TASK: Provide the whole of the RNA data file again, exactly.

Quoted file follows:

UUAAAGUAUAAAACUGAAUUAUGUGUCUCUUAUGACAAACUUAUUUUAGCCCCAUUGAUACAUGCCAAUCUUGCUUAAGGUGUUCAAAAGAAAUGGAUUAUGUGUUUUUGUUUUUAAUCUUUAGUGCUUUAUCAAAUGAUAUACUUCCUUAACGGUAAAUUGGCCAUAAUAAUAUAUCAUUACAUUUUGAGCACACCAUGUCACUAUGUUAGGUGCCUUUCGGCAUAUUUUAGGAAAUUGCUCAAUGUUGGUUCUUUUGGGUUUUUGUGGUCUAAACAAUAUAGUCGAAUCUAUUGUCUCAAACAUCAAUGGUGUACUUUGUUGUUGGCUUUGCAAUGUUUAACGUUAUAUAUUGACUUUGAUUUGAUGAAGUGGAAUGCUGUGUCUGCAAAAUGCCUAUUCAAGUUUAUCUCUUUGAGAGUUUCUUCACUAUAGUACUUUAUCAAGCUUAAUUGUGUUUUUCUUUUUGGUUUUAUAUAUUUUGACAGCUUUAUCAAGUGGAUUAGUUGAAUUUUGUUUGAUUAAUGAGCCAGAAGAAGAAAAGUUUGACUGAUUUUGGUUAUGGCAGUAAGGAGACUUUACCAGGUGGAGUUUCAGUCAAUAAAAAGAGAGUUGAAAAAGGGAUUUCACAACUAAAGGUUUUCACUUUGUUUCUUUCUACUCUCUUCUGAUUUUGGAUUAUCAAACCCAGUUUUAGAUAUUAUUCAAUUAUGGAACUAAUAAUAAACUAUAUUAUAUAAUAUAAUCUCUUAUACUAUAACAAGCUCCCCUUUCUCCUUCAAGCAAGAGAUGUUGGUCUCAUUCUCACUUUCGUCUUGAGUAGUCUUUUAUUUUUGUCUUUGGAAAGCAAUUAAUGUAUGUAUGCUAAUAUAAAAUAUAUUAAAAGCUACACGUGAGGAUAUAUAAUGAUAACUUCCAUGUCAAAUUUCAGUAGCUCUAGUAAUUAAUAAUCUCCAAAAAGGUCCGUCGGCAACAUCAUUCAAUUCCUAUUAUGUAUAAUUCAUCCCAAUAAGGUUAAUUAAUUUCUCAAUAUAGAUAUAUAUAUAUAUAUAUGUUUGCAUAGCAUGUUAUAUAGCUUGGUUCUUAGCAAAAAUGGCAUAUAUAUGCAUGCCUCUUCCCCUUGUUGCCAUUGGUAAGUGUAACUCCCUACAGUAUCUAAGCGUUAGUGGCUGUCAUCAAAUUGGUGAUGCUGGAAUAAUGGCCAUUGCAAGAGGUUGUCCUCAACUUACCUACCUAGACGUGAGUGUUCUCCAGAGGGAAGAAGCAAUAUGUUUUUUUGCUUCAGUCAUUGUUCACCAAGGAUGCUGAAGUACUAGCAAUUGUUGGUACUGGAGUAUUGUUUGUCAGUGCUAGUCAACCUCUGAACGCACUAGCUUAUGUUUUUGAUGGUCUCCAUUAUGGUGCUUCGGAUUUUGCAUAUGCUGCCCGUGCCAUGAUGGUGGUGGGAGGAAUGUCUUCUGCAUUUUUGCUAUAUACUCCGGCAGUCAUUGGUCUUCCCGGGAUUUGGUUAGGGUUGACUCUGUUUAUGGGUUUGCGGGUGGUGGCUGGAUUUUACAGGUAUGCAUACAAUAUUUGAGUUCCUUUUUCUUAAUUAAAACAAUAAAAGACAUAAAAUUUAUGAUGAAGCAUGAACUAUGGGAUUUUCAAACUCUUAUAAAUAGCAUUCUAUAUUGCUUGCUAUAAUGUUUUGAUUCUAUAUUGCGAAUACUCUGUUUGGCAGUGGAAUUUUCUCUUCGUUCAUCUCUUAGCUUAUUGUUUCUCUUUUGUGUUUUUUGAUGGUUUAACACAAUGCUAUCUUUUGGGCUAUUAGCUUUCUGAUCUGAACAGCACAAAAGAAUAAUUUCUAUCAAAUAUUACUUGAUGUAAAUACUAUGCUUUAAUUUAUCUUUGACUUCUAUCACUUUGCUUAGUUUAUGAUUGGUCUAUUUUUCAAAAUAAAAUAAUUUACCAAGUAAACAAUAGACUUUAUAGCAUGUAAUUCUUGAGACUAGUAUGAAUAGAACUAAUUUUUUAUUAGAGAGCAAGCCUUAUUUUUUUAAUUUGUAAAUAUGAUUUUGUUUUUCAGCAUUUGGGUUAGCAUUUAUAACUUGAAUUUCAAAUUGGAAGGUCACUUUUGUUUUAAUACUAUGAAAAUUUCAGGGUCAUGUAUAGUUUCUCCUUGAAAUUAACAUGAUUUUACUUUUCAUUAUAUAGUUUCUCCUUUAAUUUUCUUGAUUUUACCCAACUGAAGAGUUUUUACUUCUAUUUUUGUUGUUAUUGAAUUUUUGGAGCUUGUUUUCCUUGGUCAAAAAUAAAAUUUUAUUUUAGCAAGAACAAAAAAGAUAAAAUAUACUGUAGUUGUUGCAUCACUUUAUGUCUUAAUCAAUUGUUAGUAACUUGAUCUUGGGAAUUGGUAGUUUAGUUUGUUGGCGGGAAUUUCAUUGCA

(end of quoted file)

UUAAAGUAUAAAACUGAAUUAUGUGUCUCUUAUGACAAACUUAUUUUAGCCCCAUUGAUACAUGCCAAUCUUGCUUAAGGUGUUCAAAAGAAAUGGAUUAUGUGUUUUUGUUUUUAAUCUUUAGUGCUUUAUCAAAUGAUAUACUUCCUUAACGGUAAAUUGGCCAUAAUAAUAUAUCAUUACAUUUUGAGCACACCAUGUCACUAUGUUAGGUGCCUUUCGGCAUAUUUUAGGAAAUUGCUCAAUGUUGGUUCUUUUGGGUUUUUGUGGUCUAAACAAUAUAGUCGAAUCUAUUGUCUCAAACAUCAAUGGUGUACUUUGUUGUUGGCUUUGCAAUGUUUAACGUUAUAUAUUGACUUUGAUUUGAUGAAGUGGAAUGCUGUGUCUGCAAAAUGCCUAUUCAAGUUUAUCUCUUUGAGAGUUUCUUCACUAUAGUACUUUAUCAAGCUUAAUUGUGUUUUUCUUUUUGGUUUUAUAUAUUUUGACAGCUUUAUCAAGUGGAUUAGUUGAAUUUUGUUUGAUUAAUGAGCCAGAAGAAGAAAAGUUUGACUGAUUUUGGUUAUGGCAGUAAGGAGACUUUACCAGGUGGAGUUUCAGUCAAUAAAAAGAGAGUUGAAAAAGGGAUUUCACAACUAAAGGUUUUCACUUUGUUUCUUUCUACUCUCUUCUGAUUUUGGAUUAUCAAACCCAGUUUUAGAUAUUAUUCAAUUAUGGAACUAAUAAUAAACUAUAUUAUAUAAUAUAAUCUCUUAUACUAUAACAAGCUCCCCUUUCUCCUUCAAGCAAGAGAUGUUGGUCUCAUUCUCACUUUCGUCUUGAGUAGUCUUUUAUUUUUGUCUUUGGAAAGCAAUUAAUGUAUGUAUGCUAAUAUAAAAUAUAUUAAAAGCUACACGUGAGGAUAUAUAAUGAUAACUUCCAUGUCAAAUUUCAGUAGCUCUAGUAAUUAAUAAUCUCCAAAAAGGUCCGUCGGCAACAUCAUUCAAUUCCUAUUAUGUAUAAUUCAUCCCAAUAAGGUUAAUUAAUUUCUCAAUAUAGAUAUAUAUAUAUAUAUAUGUUUGCAUAGCAUGUUAUAUAGCUUGGUUCUUAGCAAAAAUGGCAUAUAUAUGCAUGCCUCUUCCCCUUGUUGCCAUUGGUAAGUGUAACUCCCUACAGUAUCUAAGCGUUAGUGGCUGUCAUCAAAUUGGUGAUGCUGGAAUAAUGGCCAUUGCAAGAGGUUGUCCUCAACUUACCUACCUAGACGUGAGUGUUCUCCAGAGGGAAGAAGCAAUAUGUUUUUUUGCUUCAGUCAUUGUUCACCAAGGAUGCUGAAGUACUAGCAAUUGUUGGUACUGGAGUAUUGUUUGUCAGUGCUAGUCAACCUCUGAACGCACUAGCUUAUGUUUUUGAUGGUCUCCAUUAUGGUGCUUCGGAUUUUGCAUAUGCUGCCCGUGCCAUGAUGGUGGUGGGAGGAAUGUCUUCUGCAUUUUUGCUAUAUACUCCGGCAGUCAUUGGUCUUCCCGGGAUUUGGUUAGGGUUGACUCUGUUUAUGGGUUUGCGGGUGGUGGCUGGAUUUUACAGGUAUGCAUACAAUAUUUGAGUUCCUUUUUCUUAAUUAAAACAAUAAAAGACAUAAAAUUUAUGAUGAAGCAUGAACUAUGGGAUUUUCAAACUCUUAUAAAUAGCAUUCUAUAUUGCUUGCUAUAAUGUUUUGAUUCUAUAUUGCGAAUACUCUGUUUGGCAGUGGAAUUUUCUCUUCGUUCAUCUCUUAGCUUAUUGUUUCUCUUUUGUGUUUUUUGAUGGUUUAACACAAUGCUAUCUUUUGGGCUAUUAGCUUUCUGAUCUGAACAGCACAAAAGAAUAAUUUCUAUCAAAUAUUACUUGAUGUAAAUACUAUGCUUUAAUUUAUCUUUGACUUCUAUCACUUUGCUUAGUUUAUGAUUGGUCUAUUUUUCAAAAUAAAAUAAUUUACCAAGUAAACAAUAGACUUUAUAGCAUGUAAUUCUUGAGACUAGUAUGAAUAGAACUAAUUUUUUAUUAGAGAGCAAGCCUUAUUUUUUUAAUUUGUAAAUAUGAUUUUGUUUUUCAGCAUUUGGGUUAGCAUUUAUAACUUGAAUUUCAAAUUGGAAGGUCACUUUUGUUUUAAUACUAUGAAAAUUUCAGGGUCAUGUAUAGUUUCUCCUUGAAAUUAACAUGAUUUUACUUUUCAUUAUAUAGUUUCUCCUUUAAUUUUCUUGAUUUUACCCAACUGAAGAGUUUUUACUUCUAUUUUUGUUGUUAUUGAAUUUUUGGAGCUUGUUUUCCUUGGUCAAAAAUAAAAUUUUAUUUUAGCAAGAACAAAAAAGAUAAAAUAUACUGUAGUUGUUGCAUCACUUUAUGUCUUAAUCAAUUGUUAGUAACUUGAUCUUGGGAAUUGGUAGUUUAGUUUGUUGGCGGGAAUUUCAUUGCA